28 Gauge?

Discussion in 'Shooting - Reloading Forum' started by Fowler267, Jun 23, 2019.

  1. Billy Bob

    Billy Bob Elite Refuge Member

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    Mack's Prairie Wings has hevi shot classic doubles with 5/8oz of 4 or 5 shot and hevi shot duck 3/4oz of 4's or 6's in stock. The classic doubles may be an occasional option when I find a 28.
     
  2. Winchester 1897

    Winchester 1897 Elite Refuge Member

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    3/8 ounce 6s out if the 410 have been known to kill a couple cans and a few blueys.
     
  3. SB2MAG

    SB2MAG Elite Refuge Member

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    02B04041-05F6-4937-B6CE-753CB1D4E45E.jpeg

    Two geese one shot, about 20 yards, .410, with Winchester 3/8oz steel 6s.

    I tried using bismuth 4s and Heavy shot classic doubles 4s in the .410, both were terrible. I missed geese at 15 yards because the patterns were terrible with those shells.
     
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  4. 10GAGENUT

    10GAGENUT Elite Refuge Member Sponsor

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    It's a shame some of these guys don't reload, I know you and I could make a 12 gauge steel load that has just as little recoil as a 28 gauge.
    It is what it is I guess.
     
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  5. Billy Bob

    Billy Bob Elite Refuge Member

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    I don't feel confident or comfortable with reloading and certainly do not have the knowledge to develop a low recoil load.
     
  6. Ravenanme

    Ravenanme Elite Refuge Member

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    That's right Joe , it doesn't take much " Knowledge" to learn how to reload and as far as , What to reload , there're recipe manuals and home brews
    galore.....It's with experience we learn what "REALLY" works and what cripples birds that we try to share as sportsmen but some heads are harder than
    TSS......if you know , what I mean ?

    Velosity determines distance , shot size/density is what controls penetration .
    The faster you push steel shot , the faster it slows down.....:amen:yes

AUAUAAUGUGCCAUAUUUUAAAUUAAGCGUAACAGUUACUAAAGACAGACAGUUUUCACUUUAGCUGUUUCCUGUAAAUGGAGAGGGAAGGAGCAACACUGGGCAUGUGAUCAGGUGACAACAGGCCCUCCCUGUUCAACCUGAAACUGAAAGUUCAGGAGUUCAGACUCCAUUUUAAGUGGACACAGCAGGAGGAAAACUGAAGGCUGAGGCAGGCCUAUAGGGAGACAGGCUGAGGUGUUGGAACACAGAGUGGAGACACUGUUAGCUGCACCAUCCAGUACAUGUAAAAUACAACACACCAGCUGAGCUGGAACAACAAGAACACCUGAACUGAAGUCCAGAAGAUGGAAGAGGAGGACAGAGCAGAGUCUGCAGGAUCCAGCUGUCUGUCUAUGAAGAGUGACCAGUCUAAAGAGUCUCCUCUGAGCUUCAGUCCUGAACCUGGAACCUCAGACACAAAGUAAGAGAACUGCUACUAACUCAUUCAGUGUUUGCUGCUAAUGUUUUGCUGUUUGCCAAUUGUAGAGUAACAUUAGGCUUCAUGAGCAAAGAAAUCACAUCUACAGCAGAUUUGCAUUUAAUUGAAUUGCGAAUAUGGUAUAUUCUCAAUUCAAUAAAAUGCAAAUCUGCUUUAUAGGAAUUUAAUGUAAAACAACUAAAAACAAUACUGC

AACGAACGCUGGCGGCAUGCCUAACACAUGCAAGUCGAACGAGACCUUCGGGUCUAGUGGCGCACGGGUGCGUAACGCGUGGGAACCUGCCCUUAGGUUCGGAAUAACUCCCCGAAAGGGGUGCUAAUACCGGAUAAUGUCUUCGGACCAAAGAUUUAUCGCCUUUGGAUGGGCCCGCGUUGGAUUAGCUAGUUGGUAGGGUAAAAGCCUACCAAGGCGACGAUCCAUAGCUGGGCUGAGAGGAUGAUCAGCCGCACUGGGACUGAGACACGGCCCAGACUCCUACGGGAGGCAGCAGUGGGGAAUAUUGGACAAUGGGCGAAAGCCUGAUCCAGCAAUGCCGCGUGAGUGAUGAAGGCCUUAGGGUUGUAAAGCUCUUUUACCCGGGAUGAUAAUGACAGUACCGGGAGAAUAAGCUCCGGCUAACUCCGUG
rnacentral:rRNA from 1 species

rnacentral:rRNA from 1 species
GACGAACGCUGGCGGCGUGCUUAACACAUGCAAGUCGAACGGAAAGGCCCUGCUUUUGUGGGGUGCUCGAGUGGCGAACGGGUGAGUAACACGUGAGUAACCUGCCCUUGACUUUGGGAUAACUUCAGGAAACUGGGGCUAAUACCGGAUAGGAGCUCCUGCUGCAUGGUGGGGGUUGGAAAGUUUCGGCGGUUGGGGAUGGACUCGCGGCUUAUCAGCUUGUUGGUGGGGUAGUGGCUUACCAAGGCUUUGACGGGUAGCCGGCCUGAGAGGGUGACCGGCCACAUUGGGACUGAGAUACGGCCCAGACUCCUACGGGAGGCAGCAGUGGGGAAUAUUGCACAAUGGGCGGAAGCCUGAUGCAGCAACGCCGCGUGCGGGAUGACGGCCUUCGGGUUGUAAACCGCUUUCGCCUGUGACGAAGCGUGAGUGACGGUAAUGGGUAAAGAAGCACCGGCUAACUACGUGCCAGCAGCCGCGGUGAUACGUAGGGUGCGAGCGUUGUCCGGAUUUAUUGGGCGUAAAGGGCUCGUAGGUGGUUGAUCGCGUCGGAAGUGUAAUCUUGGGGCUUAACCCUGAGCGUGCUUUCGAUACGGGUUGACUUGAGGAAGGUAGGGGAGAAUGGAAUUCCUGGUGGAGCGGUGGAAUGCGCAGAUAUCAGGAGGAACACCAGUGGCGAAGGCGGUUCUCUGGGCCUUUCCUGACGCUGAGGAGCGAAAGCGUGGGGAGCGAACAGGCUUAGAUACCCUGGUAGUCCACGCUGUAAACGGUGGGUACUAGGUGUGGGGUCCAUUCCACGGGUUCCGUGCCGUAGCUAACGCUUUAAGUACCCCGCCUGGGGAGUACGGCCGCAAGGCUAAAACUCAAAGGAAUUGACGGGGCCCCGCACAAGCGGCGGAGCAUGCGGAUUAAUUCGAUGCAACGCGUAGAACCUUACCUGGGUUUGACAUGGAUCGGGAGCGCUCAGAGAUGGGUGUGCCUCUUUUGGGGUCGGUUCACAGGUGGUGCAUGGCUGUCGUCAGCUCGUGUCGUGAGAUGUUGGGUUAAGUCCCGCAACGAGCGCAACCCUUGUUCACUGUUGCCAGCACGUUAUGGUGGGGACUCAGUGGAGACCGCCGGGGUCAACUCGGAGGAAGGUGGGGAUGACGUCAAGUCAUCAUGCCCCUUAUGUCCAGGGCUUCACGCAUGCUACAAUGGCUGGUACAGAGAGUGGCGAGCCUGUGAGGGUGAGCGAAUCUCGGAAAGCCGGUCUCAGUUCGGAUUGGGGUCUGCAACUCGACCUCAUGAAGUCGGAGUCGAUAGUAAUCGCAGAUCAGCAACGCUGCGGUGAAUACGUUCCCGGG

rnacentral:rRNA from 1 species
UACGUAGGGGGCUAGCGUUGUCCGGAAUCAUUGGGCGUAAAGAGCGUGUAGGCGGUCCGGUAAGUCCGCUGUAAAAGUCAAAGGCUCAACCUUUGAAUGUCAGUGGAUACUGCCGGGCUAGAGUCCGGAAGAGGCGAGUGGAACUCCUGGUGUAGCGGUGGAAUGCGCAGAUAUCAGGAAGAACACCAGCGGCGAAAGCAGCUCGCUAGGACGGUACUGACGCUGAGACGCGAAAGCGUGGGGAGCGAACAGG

Last edited: Jun 29, 2019
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  7. CA Birdman

    CA Birdman Elite Refuge Member

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    In sub gauge a well balanced and fitted double barrel in 28 gauge or 410 will shoot softly.
     
  8. 10GAGENUT

    10GAGENUT Elite Refuge Member Sponsor

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    That's personnel preference and understandable. There is plenty of low recoil load data published already so you wouldn't have to develop a lot , just try it.
     
  9. Billy Bob

    Billy Bob Elite Refuge Member

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    The question is, how much, if anything would I gain over the .410 or 28 in 7.5-8 pound semi autos and still maintain the low level of recoil? The low recoil is the most important thing to me. The way I see it is if I am limited to 15 yards of range it's still better than hunting with a bow.

    I am willing to listen because you have knowledge on the subject. Just know that I want to minimize the chance of a detached retina as much as possible. Recoil pads and the like will not work, the problem is the contact between the cheek and the stock.
     
  10. 10GAGENUT

    10GAGENUT Elite Refuge Member Sponsor

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    In a 12 gauge these days 7.5 to 8 lbs is not always the case, a 3" SX3 weighs in at 6 3/4 lbs, true many 28 gauge guns weigh in at 5 1/2 lbs but comparing that to your 1100 in 28 gauge which weighs in at 6 1/2 lbs there's not much difference there.
    The other thing is while some of these Tungsten and even steel shot loads for the 28 are fantastic today, what's not being said is many of these loads are at maximum pressures for the 28 and aren't really considered Low Recoil per say, they will have less recoil than a maximum pressure 12 gauge load for sure.
    You already stated that your not interested in reloading, fine and again personnel choice, so now your stuck with what's available on the shelves for the 28 which is a drop in the bucket compared to 12 gauge loads, if you noticed a good portion of the guys that have been commenting also load for the 28, I would to if I shot one.
    I'm not say the small gauges won't work for you or aren't fun to shoot, I shot the crap out of my 1100 in .410 gauge years ago and had fun doing it. All I'm stating is don't box yourself in with a gun that is marginal or you can't get the loads you want for it IMO that would be extremely frustrating, with a 12 gauge your basically loading a 2 3/4" shell down (reducing) to get the recoil you desire which isn't all that hard to do you can just as easily go the other way with one also, with the 28 your going to need quite a bit from your loads to get duck killing performance equal to even reduced 12 gauge 2 3/4 " loads.
    Your choice and enjoy what you buy, I love shooting my 16 gauge for ducks however right beside me in the blind is a 10 or 12 gauge ready to go to work if I need it.
     

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